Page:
1) How did you get your start in the literary world?
Since college I'd harbored a dream of one day being a writer, especially a novelist. When serving with the Red Cross in Germany in 1972, a friend and I collaborated on a motorcycle article and it was published worldwide in Cycle Guide magazine. We were paid $120 and I was hooked.
2) Can you tell us a little more about what you do?
I've taught English in college long ago and been a library information specialist. Now, since retirement, I write full time. I write in all genres and on multiple topics and have published widely in periodicals. My latest book, a fiction collection, will launch the middle of October. I describe much of my "creative writing" as writing of yesterday for the reader of tomorrow because life today makes no sense. For example, my novel manuscript The Potter's Wheel is set in the street scene of Hollywood in 1967. Yes, those times were frenetic, but "logically" so.
3) What is your favorite part about being an author?
The satisfaction of finishing a project, then having it published and my knowing that readers whom I'll never know or meet will read it and find something there of value emotionally and intellectually and perhaps even gain a new understanding.
4) How do you get your inspiration?
Quite frankly, I've come to believe in a real "muse"--that is, "spiritual guides and helpers"--and so I largely live the material and then they convert it into artistic expression when I sit down at the computer. It's truly a collaboration of matter and spirit. Of course, I read other writers too, and they can trigger ideas and motivation.
5) Of all the characters you've created, which one would you like to see come alive on the silver screen?
My main character in The Potter's Wheel, Mel Steadman, a naive youth of the sixties. Maybe seeing him interpreted on the screen might help me understand aspects of my own youth more fully. I did some dumb things and took some really crazy chances then. My survival is testament to the reality of guardian angels in addition to the muse. LOL
6) What is the funniest thing to happen to you in your career?
Being assigned as an English graduate student the task of chauffeuring the famous poet Adrienne Rich to the airport after a reading (she absolutely detested young men, palpably) and driving into a dark storm. She queried me nervously about tornadoes in Kansas and I told her one could swoop down on us any second. I sinfully delighted in observing her white-knuckled grip on the dash the remainder of the trip.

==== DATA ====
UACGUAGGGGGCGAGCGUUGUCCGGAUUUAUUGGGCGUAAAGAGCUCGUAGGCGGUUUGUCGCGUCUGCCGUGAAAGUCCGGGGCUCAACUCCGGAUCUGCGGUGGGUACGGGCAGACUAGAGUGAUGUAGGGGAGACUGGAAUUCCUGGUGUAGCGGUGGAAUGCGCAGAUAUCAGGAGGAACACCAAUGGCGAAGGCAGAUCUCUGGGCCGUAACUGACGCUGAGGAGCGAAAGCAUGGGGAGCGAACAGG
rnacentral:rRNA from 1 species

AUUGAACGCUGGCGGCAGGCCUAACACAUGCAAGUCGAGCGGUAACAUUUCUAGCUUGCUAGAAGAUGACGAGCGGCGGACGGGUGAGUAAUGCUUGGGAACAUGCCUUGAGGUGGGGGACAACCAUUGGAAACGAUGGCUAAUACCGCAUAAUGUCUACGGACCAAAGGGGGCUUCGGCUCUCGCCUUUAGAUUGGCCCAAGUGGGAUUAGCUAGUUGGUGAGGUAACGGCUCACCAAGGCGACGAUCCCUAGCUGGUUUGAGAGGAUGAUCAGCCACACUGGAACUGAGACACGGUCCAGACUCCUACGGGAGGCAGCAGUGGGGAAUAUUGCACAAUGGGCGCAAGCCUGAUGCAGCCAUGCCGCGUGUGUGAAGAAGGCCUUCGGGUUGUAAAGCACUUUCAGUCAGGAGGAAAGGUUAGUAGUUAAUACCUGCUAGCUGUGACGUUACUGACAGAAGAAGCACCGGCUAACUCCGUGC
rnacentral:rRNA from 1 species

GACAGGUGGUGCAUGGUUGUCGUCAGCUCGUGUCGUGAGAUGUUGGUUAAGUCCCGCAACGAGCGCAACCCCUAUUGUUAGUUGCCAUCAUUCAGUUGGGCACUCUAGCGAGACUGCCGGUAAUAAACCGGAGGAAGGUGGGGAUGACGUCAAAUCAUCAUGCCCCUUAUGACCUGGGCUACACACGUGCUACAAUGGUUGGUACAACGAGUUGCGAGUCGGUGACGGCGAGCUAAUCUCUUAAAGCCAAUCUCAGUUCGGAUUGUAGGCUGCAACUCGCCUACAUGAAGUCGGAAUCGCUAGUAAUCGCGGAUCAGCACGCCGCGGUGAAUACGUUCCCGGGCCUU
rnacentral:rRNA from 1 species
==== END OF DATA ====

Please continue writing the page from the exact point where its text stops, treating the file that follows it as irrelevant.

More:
7) Can you tell us a bit about your book?
Well, as the Amazon description begins, "And Eve Said Yes--Seven Stories and a Novella presents the reader with a compelling assortment of characters wrestling with life challenges against the backdrop of various world religions." The novella itself depicts a young man's quest for absolution from guilt (death of a co-worker), the discovery of a soul mate and a re-connection to humanity's Almighty Source. One might also characterize it as a 21st century pilgrim's progress offering a fresh and modern perspective on "The Most High." I also like to think of it as fiction for those disenchanted with formal religious dogma who still yearn for something beyond self. And the reader will meet some fascinating characters!
8) What is your next big project?
I've half-completed a memoir with the working title Blossoms on the Vine: The Road and the People. It focuses on those individuals I've encountered living my life who had the most impact on me and my thinking. Kind of a combination of the old Reader's Digest "The Most Unforgettable Character I Ever Met" series with Robert Fulghum's "Kindergarten" wisdom.
9) Anything else you'd like to add?
After 40 years of trying, I finally acquired an agent for my fifth book and she placed it with a major publisher. My hope is that this will be the breakout that gets my work read more widely. I feel a profound sense of gratitude for each and every reader who discovers my words and identifies something of worth therein. An excellent cross section of my writing can be found in my blog collection The Pebble: Life, Love, Politics and Geezer Wisdom